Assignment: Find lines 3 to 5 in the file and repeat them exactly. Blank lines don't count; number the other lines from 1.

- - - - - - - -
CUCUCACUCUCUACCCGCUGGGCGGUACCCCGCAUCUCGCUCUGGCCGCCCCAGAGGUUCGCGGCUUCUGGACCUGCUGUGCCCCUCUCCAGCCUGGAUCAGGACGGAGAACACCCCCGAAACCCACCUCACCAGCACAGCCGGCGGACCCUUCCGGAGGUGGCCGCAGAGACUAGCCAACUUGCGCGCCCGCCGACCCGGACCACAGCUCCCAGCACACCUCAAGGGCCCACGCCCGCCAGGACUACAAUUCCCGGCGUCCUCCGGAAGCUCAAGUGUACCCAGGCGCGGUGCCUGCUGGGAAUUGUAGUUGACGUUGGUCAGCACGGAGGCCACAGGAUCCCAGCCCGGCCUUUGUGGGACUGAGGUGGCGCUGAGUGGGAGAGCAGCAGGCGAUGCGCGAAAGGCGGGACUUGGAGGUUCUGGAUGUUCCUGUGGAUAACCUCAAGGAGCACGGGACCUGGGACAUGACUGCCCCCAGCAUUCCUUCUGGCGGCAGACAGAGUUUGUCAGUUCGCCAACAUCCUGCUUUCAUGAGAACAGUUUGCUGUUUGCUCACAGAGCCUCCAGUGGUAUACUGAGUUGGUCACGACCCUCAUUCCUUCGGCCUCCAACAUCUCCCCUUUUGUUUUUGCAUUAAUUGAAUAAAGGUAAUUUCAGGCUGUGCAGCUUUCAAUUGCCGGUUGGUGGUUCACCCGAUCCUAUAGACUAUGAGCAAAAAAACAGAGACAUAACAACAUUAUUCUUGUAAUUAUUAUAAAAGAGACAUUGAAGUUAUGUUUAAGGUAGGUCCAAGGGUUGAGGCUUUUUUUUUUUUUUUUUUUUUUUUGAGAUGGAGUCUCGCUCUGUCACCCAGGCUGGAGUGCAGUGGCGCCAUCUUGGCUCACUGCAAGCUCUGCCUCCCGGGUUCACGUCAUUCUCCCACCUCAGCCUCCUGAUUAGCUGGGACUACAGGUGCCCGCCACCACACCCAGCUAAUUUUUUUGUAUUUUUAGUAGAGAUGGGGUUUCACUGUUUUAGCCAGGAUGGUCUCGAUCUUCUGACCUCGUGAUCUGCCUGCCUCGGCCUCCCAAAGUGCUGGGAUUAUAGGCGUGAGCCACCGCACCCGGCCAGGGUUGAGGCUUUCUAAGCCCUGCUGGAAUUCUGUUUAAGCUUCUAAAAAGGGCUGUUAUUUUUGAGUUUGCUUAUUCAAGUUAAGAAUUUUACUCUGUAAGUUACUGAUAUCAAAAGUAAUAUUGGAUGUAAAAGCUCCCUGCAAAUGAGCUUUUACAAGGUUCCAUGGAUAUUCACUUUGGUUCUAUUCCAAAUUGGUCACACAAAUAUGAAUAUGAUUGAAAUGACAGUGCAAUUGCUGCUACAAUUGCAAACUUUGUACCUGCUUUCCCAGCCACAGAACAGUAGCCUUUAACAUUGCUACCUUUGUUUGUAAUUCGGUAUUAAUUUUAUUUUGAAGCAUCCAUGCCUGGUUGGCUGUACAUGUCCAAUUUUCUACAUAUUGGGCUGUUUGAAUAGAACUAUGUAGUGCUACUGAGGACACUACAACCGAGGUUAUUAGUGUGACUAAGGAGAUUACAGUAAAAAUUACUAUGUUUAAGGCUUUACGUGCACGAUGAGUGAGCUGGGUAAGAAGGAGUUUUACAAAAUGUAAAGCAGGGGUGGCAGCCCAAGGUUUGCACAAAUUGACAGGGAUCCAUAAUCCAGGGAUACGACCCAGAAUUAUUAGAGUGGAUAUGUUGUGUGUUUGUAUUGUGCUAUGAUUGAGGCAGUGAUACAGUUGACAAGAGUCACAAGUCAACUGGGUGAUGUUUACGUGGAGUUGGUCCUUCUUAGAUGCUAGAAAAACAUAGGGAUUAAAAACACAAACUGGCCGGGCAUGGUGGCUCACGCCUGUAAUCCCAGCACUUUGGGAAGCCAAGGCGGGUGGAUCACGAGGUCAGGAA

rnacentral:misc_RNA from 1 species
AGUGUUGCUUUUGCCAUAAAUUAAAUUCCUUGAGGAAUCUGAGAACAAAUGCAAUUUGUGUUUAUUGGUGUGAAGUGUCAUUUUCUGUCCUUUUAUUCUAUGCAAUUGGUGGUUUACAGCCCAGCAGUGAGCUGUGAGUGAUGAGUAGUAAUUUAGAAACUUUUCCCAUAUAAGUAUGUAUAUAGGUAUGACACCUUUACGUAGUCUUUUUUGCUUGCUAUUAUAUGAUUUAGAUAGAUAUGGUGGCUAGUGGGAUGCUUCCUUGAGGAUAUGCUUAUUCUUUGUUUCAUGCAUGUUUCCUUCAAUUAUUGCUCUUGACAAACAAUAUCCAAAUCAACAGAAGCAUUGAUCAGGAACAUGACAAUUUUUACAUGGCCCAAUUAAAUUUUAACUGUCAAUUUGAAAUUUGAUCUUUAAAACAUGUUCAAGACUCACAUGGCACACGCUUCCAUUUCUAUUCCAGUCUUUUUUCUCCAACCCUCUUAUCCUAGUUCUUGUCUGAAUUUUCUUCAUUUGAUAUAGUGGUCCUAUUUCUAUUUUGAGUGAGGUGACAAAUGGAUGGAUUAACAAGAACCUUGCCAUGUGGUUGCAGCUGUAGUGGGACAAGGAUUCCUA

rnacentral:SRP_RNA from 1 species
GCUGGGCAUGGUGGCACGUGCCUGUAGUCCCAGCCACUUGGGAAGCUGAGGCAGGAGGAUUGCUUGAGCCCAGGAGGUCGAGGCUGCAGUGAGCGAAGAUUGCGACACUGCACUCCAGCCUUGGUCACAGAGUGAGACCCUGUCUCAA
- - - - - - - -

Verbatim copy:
AGUGUUGCUUUUGCCAUAAAUUAAAUUCCUUGAGGAAUCUGAGAACAAAUGCAAUUUGUGUUUAUUGGUGUGAAGUGUCAUUUUCUGUCCUUUUAUUCUAUGCAAUUGGUGGUUUACAGCCCAGCAGUGAGCUGUGAGUGAUGAGUAGUAAUUUAGAAACUUUUCCCAUAUAAGUAUGUAUAUAGGUAUGACACCUUUACGUAGUCUUUUUUGCUUGCUAUUAUAUGAUUUAGAUAGAUAUGGUGGCUAGUGGGAUGCUUCCUUGAGGAUAUGCUUAUUCUUUGUUUCAUGCAUGUUUCCUUCAAUUAUUGCUCUUGACAAACAAUAUCCAAAUCAACAGAAGCAUUGAUCAGGAACAUGACAAUUUUUACAUGGCCCAAUUAAAUUUUAACUGUCAAUUUGAAAUUUGAUCUUUAAAACAUGUUCAAGACUCACAUGGCACACGCUUCCAUUUCUAUUCCAGUCUUUUUUCUCCAACCCUCUUAUCCUAGUUCUUGUCUGAAUUUUCUUCAUUUGAUAUAGUGGUCCUAUUUCUAUUUUGAGUGAGGUGACAAAUGGAUGGAUUAACAAGAACCUUGCCAUGUGGUUGCAGCUGUAGUGGGACAAGGAUUCCUA

rnacentral:SRP_RNA from 1 species
GCUGGGCAUGGUGGCACGUGCCUGUAGUCCCAGCCACUUGGGAAGCUGAGGCAGGAGGAUUGCUUGAGCCCAGGAGGUCGAGGCUGCAGUGAGCGAAGAUUGCGACACUGCACUCCAGCCUUGGUCACAGAGUGAGACCCUGUCUCAA